Mother-of-one Annette Kellow, 40, who is a journalist, from London, said jobs have wanted to know ‘how I would “cope” with doing the role as a mum, how would I manage my workflow, did I have help at home? Questions they would never ask a man!’ 

Annette added: 'But the reality is unless you have a good support structure, you can't have it all, and if you want to have it all, you will always be fraught with friction'

Annette added: ‘But the reality is unless you have a good support structure, you can’t have it all, and if you want to have it all, you will always be fraught with friction’

Mother-of-one Annette Kellow, 40, who is a journalist, from London, said jobs have wanted to know ‘how I would “cope” with doing the role as a mum, how would I manage my workflow, did I have help at home? Questions they would never ask a man!’

She added: ‘But the reality is unless you have a good support structure, you can’t have it all, and if you want to have it all, you will always be fraught with friction.

‘Children will cry that you missed their assembly, bed times will be rushed, bosses will be annoyed if you don’t do overtime, the list is endless.

‘I know women in finance that have had to ditch the million pound deals because even with nannies, parents and a partner they still found they couldn’t make it work.

‘Instead of asking why women can’t have it all for those who do work a lot, maybe the question lies in why is no one helping her? Why is her partner’s work seen as more important than hers? What can be done to manage the juggle?

‘For me, I have a good support structure of childcare, parents and co-parent, but I still can’t have it all. I can do certain hours or times because of caring duties so I do what I can and not worry too much about the rest. And I’m perfectly OK with that, it’s the rest of the world that’s not! But it’s still true that you can’t have it all.’

‘I have to leave my corporate job and return home to Cornwall’

Mother-of-one Gemma Heard, 41, from Cornwall, is the CEO of GEM Consultancy UK, and is a finance expert for UK female entrepreneurs

Mother-of-one Gemma Heard, 41, from Cornwall, is the CEO of GEM Consultancy UK, and is a finance expert for UK female entrepreneurs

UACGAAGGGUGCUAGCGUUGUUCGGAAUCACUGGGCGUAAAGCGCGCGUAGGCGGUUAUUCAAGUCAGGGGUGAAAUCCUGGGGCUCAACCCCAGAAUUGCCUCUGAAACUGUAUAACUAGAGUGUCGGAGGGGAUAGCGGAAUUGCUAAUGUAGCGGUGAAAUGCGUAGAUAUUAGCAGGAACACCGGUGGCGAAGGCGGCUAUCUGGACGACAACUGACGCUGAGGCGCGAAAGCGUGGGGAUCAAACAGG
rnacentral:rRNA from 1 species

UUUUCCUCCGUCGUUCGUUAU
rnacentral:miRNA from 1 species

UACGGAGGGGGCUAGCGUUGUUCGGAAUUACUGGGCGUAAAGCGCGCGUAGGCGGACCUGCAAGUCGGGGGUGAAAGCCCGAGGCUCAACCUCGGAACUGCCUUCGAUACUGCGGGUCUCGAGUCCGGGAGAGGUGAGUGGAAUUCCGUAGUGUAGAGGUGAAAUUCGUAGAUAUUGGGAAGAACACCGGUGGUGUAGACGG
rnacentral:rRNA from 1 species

Gemma, who is a mother to Sonny, nine, said before she conceived her son she was working in a corporate earning over six figures a year

Gemma, who is a mother to Sonny, nine, said before she conceived her son she was working in a corporate earning over six figures a year

Mother-of-one Gemma Heard, 41, from Cornwall, is CEO of GEM Consultancy UK (Finance Expert for UK Female Entrepreneurs).

Gemma, who is a mother to Sonny, nine, said: ‘Becoming a single mum when my son was two months old was never in the plan. When I conceived my son I was working in a corporate earning over six figures a year financially secure. I lost my son’s father to addiction and subsequently have had to provide on my own ever since.

‘The separation meant leaving my corporate job and returning home to Cornwall where the reality of employment and child care costs did not stack up. 

‘It meant that running my own business was the only way I could be a present parent and also provide financially. So I started my own Accountancy business. Just like so many mothers who want to be there for their children and contribute financially have started up in business as well.

‘Divorce, separation and single or co parenting impact the ability to be the CEO you want to be and also the best mother you can be.

‘We need to be creative in how we grow the business we dream of but also be there for our kids. Coming to terms with the struggle made me passionate to empower other women in business to achieve their own financial success. But the fact remains that we feel a pressure to work like we have no kids and be mothers as if we have no business.’

‘I feel as though I really do have it all – but that doesn’t mean to say I do it all’

Mother-of-one Liv Conlon, 25, who runs The Property Stagers, is from Scotland, living in Marbella

Mother-of-one Liv Conlon, 25, who runs The Property Stagers, is from Scotland, living in Marbella

Liv, who is mother to Cash, one, is running two seven-figure businesses, and says you can have it all but only when you are not doing it alone

Liv, who is mother to Cash, one, is running two seven-figure businesses, and says you can have it all but only when you are not doing it alone 

Mother-of-one Liv Conlon, 25, who runs The Property Stagers, is from Scotland, living in Marbella.

Liv, who is mother to Cash, one, said: ‘As a 25-year-old mother-of-one running two seven-figure businesses, I’m more than familiar with the phrase ‘you can (or can’t) have it all’ – as people have often said it to me over the years.

‘While I was building my businesses to the scale they are now, it was hard work and long hours. And now, I have a one-year-old, it’s still disciplined work and long hours.

‘But the beauty of it is that I feel as though I really do have it all – but that doesn’t mean to say I do it all.

‘By this I mean I have help both in my business and in my personal life, which gives me the flexibility to expand my brands further – as well as spend quality time with my son. And it allows me to spend time enjoying the life I have created for me and my family.

‘I’m up at 4am every weekday. I don’t always want to get out of bed, I’ll admit, but I do – as the rewards for me are worth it. It means I can schedule in self-care such as going to the gym, deep work, which allows me to focus, and then time with my little man.

‘My brilliant mother Ali is involved in my business, I have a wonderful nanny and a housekeeper too – which means I can focus on what I need to do. And to me, that really is having it all!’